The Twelve Dancing Princesses has always been my favorite fairy tale. While the gorgeous cover is what initially made me see what Heather Dixon's debut novel, Entwined, was all about, the fact that it retold this tale made it a Day One Buy for me. Lush and descriptive, Entwined brings the tale to life like never before. I loved the way Dixon extracted the best parts of the story and tweaked other aspects, making the story fresh and vibrant. It manages to remain true to the original tale while still becoming its own entity, which can be hard to pull off when creating a new version.
Despite the fact that there are twelve princesses involved in this tale, Dixon uses a creative way of allowing readers to remember who's who by naming them alphabetically. Our main character, Azalea, is the crown princess, followed by her sisters, Bramble, Clover, Delphinium, Evening Primrose (Eve), Flora, Goldenrod, Hollyhock, Ivy, Jessamine, Kale, and Lily. Not only are they all named after plants and flowers, the very fact that they're named such reveals the way their father the king leads a very structured lifestyle. This trick is also good for readers. The girls are all about a year apart; Azalea is fifteen at the novel's start and baby Lily is a newborn. If readers are confused about why Ivy is acting like a child, for example, it's easy to figure out that she's one of the youngest princesses.
The book starts off with Azalea getting ready for her first yuletide ball now that she's finally of age. We immediately see how important dancing is to her. I love the way Dixon fleshes out this interest and turns it into an entity of its own. Even the novel's title, Entwined, is based on a dance called the Entwine, which is a clever twist (that taught me something new, no less!). In the original fairy tale, we never know why the princesses go dancing each night or how they found the enchanted forest in the first place. In Entwined, however, we're with the girls every step of the way. We see how they're no longer allowed to dance after their mother passes away during childbirth. They feel stifled during their year of mourning. They find the enchanted forest within the walls of the castle quite by mistake, but through it, can cherish their mother's memory through dance, a need no one but the princesses can comprehend. Love interests are introduced early on, allowing time for love to blossom. The man in charge of the enchanted dance, Keeper, is mysterious and written in such a way, my arms got goosebumps as I read. The forest itself is gorgeous and I could see it in my mind's eye. Because Dixon focused on making the fairy tale's nemesis so dark, she maintained a light balance in the "real world." Unlike in the original, men aren't put to death if they're unable to discover how the girls manage to dance the night away. I appreciated this aspect and loved meeting all of the potential suitors. Lord Teddy and Mr. Bradford were my favorite characters. Lord Teddy stole the show every time he appeared on a page, creating many laugh-out-loud moments.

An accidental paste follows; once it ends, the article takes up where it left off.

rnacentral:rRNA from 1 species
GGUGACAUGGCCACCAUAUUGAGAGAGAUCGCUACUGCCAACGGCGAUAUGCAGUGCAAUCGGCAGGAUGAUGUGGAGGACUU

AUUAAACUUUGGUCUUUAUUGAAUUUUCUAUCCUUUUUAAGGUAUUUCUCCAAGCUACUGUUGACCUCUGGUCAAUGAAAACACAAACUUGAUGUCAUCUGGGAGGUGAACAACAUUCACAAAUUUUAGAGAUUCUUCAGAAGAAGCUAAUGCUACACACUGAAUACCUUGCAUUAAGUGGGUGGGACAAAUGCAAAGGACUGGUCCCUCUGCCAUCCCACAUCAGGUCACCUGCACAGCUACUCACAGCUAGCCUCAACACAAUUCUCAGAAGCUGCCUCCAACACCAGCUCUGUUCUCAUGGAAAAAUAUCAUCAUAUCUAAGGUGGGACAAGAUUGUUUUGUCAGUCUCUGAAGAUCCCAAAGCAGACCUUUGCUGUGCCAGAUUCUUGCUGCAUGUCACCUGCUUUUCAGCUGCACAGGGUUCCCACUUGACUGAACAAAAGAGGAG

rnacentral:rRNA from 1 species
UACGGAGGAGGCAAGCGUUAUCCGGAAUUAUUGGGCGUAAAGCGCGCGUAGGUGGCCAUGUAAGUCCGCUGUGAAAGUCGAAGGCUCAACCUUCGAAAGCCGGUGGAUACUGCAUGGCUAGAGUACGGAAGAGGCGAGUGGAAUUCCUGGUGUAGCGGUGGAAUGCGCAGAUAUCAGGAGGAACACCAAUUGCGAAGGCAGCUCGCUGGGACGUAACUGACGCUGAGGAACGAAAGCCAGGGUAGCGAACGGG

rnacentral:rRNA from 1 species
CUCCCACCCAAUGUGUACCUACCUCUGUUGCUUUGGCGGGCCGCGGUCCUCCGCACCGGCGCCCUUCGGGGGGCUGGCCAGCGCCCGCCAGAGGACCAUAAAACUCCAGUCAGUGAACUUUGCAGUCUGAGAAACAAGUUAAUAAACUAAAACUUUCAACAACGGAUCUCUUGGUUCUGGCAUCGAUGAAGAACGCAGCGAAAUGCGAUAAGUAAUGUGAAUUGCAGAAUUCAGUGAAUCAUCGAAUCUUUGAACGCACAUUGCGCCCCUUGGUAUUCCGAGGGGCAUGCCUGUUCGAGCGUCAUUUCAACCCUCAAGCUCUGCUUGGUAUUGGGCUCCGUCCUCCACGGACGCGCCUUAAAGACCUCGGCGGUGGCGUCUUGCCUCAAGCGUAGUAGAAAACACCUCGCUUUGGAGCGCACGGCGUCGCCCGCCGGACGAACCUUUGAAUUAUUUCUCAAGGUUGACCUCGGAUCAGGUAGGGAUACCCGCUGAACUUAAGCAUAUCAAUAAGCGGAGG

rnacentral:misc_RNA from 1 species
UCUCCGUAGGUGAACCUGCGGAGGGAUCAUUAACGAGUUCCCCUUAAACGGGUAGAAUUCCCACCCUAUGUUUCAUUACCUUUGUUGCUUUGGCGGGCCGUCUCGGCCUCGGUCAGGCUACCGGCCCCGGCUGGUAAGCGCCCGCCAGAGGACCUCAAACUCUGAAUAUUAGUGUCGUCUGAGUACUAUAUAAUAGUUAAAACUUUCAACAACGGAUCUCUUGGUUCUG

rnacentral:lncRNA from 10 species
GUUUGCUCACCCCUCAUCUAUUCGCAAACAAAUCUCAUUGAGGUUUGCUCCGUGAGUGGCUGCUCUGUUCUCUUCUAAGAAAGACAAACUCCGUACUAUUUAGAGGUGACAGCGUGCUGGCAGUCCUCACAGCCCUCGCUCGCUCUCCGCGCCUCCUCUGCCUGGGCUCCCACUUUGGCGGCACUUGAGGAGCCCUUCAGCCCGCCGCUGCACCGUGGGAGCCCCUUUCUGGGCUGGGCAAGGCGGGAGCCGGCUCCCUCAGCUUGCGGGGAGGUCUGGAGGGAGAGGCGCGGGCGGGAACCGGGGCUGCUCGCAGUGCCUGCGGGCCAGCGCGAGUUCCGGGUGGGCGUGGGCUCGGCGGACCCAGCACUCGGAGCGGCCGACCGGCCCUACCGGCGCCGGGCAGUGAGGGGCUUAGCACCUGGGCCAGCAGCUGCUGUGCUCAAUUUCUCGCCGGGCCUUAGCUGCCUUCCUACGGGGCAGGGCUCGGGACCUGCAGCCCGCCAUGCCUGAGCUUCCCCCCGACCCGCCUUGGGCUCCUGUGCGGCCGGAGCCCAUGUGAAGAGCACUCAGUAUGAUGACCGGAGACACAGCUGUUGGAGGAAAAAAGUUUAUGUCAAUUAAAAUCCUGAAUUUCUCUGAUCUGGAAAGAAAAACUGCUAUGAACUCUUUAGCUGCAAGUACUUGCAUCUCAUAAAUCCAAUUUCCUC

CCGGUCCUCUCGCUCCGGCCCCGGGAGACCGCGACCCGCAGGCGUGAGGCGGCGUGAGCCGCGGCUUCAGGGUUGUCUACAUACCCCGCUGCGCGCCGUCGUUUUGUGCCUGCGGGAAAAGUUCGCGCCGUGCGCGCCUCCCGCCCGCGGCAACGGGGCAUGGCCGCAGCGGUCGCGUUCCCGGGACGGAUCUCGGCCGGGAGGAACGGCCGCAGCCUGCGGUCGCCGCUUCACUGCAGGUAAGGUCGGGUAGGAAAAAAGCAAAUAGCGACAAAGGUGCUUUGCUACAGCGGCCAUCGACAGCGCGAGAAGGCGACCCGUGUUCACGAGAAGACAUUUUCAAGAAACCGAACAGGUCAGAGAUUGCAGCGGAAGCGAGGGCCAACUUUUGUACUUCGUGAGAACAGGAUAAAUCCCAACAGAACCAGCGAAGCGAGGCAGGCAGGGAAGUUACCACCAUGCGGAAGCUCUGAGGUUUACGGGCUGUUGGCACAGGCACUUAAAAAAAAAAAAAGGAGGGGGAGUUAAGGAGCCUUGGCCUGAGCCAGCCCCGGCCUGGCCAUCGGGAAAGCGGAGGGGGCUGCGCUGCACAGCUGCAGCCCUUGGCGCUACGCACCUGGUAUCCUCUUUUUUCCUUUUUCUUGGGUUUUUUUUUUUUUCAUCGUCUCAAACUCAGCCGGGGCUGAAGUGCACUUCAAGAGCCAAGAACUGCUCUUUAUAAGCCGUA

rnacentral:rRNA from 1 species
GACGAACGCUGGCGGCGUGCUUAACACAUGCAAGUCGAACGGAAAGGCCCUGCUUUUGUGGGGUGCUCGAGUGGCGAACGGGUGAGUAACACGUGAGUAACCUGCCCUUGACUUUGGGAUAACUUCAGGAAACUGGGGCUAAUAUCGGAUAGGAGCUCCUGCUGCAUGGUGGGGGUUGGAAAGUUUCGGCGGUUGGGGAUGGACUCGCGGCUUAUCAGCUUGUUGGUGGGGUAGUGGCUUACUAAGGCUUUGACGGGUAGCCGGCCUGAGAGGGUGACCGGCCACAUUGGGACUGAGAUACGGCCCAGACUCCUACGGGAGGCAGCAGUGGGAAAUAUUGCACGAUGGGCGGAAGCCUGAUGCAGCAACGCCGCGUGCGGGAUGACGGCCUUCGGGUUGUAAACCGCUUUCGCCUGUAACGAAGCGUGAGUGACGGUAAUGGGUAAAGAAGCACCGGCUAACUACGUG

Overall, I love the way Dixon kept to the traditional tale while still giving us something new and unique. Entwined is almost five hundred pages, and when I first picked it up, I wondered how it could take so long to tell the story. The pacing remained even and never dragged. Once the story sucked me in, it was impossible to put down. The Twelve Dancing Princesses is still a favorite of mine, especially this version of the classic tale.
As much as I loved the cover upon first seeing it online, I adore it even more after having read the book. There are silver foil branches on the cover, representing the trees that appear in the enchanted forest. In addition, these silver branches appear at the start of each new chapter:
The palace is in the distance, and one of the princesses (presumably Azalea) can be seen either looking u pat it or running toward it, depending on how you look at the picture. She's wearing a gorgeous dress, but on closer inspection, the dress is tinged with dirt as though she's returning home after dancing the night away. I also love the texture of the dress; it reminds me of crinkly chiffon.
[This entry is part of The Story Siren's Debut Author Challenge of 2011. See how I've done so far here.]
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